“… I discovered I loved music so much.”
“I found a box of CDs hidden under my parents’ bed,” Marieme says. “It was full of Mariah Carey and Celine Dion albums. They became my north star: from them, I discovered I loved music so much.” Music, in fact, became a safe haven for Marieme, who was often brutally teased by her peers because of her fresh immigrant status. “I wasn’t allowed to have that dream,” she says. “I didn’t even know I could sing. It wasn’t even something I could’ve even considered in the world I came from. But I took refuge in music like nothing else. I would listen to Celine Dion or Mariah or Mary J. Blige and just try to sing along and feel what they were feeling.”
“…I had to find my own voice within those powerful influences.”
Marieme even secretly joined an after-school choir to explore her new passion. Her true musical emancipation, however, would come with her discovery of self-possessed iconoclasts like Lauryn Hill and Amy Winehouse. “That’s when I realized music could change the world for the better,” Marieme says. “At first, I probably sounded too much like Lauryn, Amy or Duffy. I had to find my own voice within those powerful influences.”
Like Hill, a profound humanist social consciousness organically resides in Marieme’s soul searching – which blends the personal and political effortlessly as a result of all she’s experienced as a true global citizen. Powerful songs from Marieme’s forthcoming solo debut album embody this crucial quality of Marieme’s burgeoning artistic and songwriting identity. As such, “Love Child” (a collaboration with Danny Burke, credits TK) examines society’s relationship with freedom in today’s modern era – but via dazzling Duke Ellington-meets-Wu-Tang syncopation. (“First there was the seed/Imagine the possibilities/How they came to be/We came into this world free…”) “Going Rogue” uses metaphors of combat to express the personal divides we allow into our world, while “Ask For Help” proves a straight-up, sincere, affecting plea for understanding and tolerance – showing how we must find collective strength in our individual vulnerabilities.
“I wrote those with Neff-U the first day we worked together – the music and messages just exploded out of our collaboration,” Marieme says. “Lauryn Hill showed me how music could affect people and make them really think. And Amy Winehouse, too – she was like my Kurt Cobain. When she died, that’s when I was like, ‘That’s it – now I really have to do this.’ What I want to do is remind people of the most important, basic human qualities – basically, to write a manual in songs helping us learn to love ourselves.”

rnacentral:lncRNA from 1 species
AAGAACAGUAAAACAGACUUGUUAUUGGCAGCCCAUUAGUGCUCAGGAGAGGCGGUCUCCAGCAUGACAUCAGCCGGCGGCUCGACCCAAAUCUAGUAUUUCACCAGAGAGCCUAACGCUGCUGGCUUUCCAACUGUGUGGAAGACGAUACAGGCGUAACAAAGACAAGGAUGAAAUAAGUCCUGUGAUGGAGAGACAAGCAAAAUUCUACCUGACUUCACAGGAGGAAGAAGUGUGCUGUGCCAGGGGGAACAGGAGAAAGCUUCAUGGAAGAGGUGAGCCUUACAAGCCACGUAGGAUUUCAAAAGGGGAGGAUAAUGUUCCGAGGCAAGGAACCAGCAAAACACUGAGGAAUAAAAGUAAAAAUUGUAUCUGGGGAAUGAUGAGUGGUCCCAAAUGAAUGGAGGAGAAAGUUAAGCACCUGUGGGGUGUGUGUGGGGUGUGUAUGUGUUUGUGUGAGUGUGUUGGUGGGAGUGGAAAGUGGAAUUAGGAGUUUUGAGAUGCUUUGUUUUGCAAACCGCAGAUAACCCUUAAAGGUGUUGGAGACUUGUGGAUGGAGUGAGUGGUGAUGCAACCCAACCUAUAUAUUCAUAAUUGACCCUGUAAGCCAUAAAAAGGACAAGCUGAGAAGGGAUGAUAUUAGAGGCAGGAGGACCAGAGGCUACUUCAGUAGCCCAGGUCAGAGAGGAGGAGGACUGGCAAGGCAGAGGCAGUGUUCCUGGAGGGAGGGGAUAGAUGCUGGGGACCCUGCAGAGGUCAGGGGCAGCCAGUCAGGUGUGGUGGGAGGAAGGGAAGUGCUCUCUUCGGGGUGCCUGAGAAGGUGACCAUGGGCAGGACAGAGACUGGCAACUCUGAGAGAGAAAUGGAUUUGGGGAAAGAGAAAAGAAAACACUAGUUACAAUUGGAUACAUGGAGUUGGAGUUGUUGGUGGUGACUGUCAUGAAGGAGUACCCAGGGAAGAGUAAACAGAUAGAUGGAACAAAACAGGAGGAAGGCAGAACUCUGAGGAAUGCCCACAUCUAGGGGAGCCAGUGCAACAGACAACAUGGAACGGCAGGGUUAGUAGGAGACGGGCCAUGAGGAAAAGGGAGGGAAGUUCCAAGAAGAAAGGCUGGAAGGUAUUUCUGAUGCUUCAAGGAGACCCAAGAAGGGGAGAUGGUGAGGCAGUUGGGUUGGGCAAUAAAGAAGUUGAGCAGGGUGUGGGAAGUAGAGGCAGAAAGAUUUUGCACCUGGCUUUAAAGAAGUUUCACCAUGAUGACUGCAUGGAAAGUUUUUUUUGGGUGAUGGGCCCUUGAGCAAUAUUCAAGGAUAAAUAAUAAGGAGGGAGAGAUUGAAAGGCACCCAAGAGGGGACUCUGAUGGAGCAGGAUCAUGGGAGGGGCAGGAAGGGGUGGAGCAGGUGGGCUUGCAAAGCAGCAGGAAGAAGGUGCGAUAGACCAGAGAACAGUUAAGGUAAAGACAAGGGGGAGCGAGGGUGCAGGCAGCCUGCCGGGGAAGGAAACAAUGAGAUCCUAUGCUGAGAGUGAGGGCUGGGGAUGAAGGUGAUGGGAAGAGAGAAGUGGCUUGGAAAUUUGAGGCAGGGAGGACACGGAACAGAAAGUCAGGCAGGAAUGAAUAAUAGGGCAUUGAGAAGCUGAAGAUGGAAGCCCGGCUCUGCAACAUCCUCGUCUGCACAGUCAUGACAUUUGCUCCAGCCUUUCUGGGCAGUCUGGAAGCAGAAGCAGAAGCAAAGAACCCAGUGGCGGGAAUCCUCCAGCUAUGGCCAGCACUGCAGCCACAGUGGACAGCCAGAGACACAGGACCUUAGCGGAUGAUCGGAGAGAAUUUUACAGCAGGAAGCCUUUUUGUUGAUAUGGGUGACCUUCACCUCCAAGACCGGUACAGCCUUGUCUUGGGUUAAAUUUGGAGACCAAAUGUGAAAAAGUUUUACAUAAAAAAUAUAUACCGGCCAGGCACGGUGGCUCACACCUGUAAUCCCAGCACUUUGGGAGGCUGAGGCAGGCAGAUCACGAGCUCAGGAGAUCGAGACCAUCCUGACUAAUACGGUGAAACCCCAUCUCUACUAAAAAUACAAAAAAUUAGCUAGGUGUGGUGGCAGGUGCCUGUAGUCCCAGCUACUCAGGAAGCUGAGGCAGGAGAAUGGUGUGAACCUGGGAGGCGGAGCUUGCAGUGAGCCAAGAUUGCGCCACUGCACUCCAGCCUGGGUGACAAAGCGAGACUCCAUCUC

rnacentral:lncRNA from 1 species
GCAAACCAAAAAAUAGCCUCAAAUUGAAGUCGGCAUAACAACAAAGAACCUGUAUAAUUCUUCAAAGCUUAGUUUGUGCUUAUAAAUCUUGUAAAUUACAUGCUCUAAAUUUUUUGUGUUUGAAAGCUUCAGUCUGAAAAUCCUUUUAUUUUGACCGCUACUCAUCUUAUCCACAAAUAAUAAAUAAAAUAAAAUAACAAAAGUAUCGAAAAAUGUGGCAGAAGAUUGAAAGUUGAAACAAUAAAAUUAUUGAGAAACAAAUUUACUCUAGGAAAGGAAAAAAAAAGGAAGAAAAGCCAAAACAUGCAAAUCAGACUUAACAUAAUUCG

Finding encouragement performing open mics and garnering attention from a virtuosic YouTube cover of “Back to Black,” Marieme gradually began to realize her passion for music could be her career. That path revealed itself when Marieme went as far as her parents would allow – in her case, the University of Buffalo. There she studied journalism and communications – even winning a prestigious feature-writing internship in London – but everything changed when she heard Billie Holiday in a jazz history class. “I’m defiantly old school!,” she laughs. “I chose the right influences – Nina Simone, Billie Holiday, Nancy Wilson, Sarah Vaughn. But I also started studying the greats from all places, too – Muhammad Ali, Michael Jordan, Michael Jackson, I wanted to see what made them them.”
So energized, Marieme embraced bohemian life and new concepts of spirituality – often singing with DJs and becoming a regular performer at events in New York City. But her current persona truly evolved out of insights and epiphanies she received a year ago after traveling to Peru for a meditation ceremony. A fan of manga, animation, and cosplay as much as music, Marieme went on to create a fantastical performing persona whose chameleonic shifts suggest David Bowie. She even makes her own distinctively glam outfits herself – displaying a strong hand in individually creating the artist that will soon be revealed to the public in full flower. “This is a big leap,” she says. “It’s all been slowly marinating and cultivating, evolving into something complicated but exciting. Thankfully, now it’s cool to be multi-dimensional. I really imagine a better world in my songs, and I’m proof music can do that. Music changed my life, and I want to help it change other lives, too.”